Passing over the well-known Vietnamese sandwich chain shops like Lee’s and Baguette Express, Melanie Wong went to check out the Tenderloin’s banh mi cafés—casual spots to hang out with a sandwich, super-strong Vietnamese coffee, and, yes, a cigarette. There’s rarely a line at these places and, even if the bread tends to be “the same overly sturdy French roll,” at least the mayo-like spread referred to as “Vietnamese butter” is more likely to be made in-house from fresh eggs and oil than at their chain counterparts. The red-tinted, fatty, and tender roast pork is also typically house-made. These goodies are usually around $2.50. That’s right, a filling sandwich for under three bucks.
Tu Kim Cafe makes an exceptional banh mi, especially the occasionally available meatball version, which features an uncommonly soft and delicate fine-grained meatball in a hot toasted roll. “Everything about this banh mi was in harmony, flowing in one stream and not separate flavors. No butter or mayonnaise used here, and the extra juices from the meatball moistened the hollowed out roll,” Melanie says.
The Vietnamese coffee may be the best in the city, but the dazzlingly simple noodle soup, based on a pure and greaseless pork stock, really puts this place over the top, Melanie says. You can get yellow egg noodles or white banh canh, the latter made of rice flour and tapioca starch for bouncy, chewy texture. The soup also holds “about a half-dozen thin slices of tender and juicy pork loin rimmed with a bit of succulent fat, some velvety cubes of pork blood cake, two perfectly cooked shrimp,” plus scallions, cilantro, and fried garlic.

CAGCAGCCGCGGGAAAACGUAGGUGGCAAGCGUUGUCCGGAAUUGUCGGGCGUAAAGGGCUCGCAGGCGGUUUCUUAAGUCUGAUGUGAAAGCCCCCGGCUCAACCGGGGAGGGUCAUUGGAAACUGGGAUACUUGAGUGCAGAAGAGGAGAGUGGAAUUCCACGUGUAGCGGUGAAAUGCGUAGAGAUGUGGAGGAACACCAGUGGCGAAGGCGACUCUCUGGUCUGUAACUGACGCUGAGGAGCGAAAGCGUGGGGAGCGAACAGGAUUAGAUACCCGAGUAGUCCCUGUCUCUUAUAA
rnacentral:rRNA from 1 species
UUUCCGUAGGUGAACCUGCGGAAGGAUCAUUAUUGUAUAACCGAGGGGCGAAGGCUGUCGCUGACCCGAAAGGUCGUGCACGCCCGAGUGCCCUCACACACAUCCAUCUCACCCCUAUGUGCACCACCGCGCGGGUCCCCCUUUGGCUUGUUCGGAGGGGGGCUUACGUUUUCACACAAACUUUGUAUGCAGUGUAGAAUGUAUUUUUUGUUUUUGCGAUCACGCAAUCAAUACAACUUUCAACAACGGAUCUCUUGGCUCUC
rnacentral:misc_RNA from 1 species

Hoang Dat is usually filled with regulars, giving it a social feel. The combo banh mi is very good, with cha lua (pressed and steamed pork roll), head cheese, and barbecued pork belly on a toasty roll slathered with housemade “butter” and Maggi sauce. There’s the additional touch of scallion along with the usual cucumber, pickled carrots, and cilantro.
At breakfast, the house specialty xiu mai nuoc, or meatball soup, is popular. The coarsely ground pork balls, studded with onions and potato/turnip, take up most of the bowl. The simple dish is accented just right with black pepper and fragrant cilantro. It comes with a hot toasted French roll, which is great for sopping up the richly meaty broth. It costs $3.75; “I can’t think of a better breakfast for the price,” Melanie says.
Over at Sing Sing, there’s only one choice of sandwich, but it’s a great one. Here, the barbecued pork belly is heated with the bread, so that the fat almost melts into the roll and the hot pork contrasts with the generous portion of cold, crisp vegetables.
Tu Kim Cafe [Tenderloin]
609 Ellis Street, San Francisco
Hoang Dat [Tenderloin]
930 Geary Street, San Francisco
Sing Sing Sandwich Shop [Tenderloin]
309 Hyde Street, San Francisco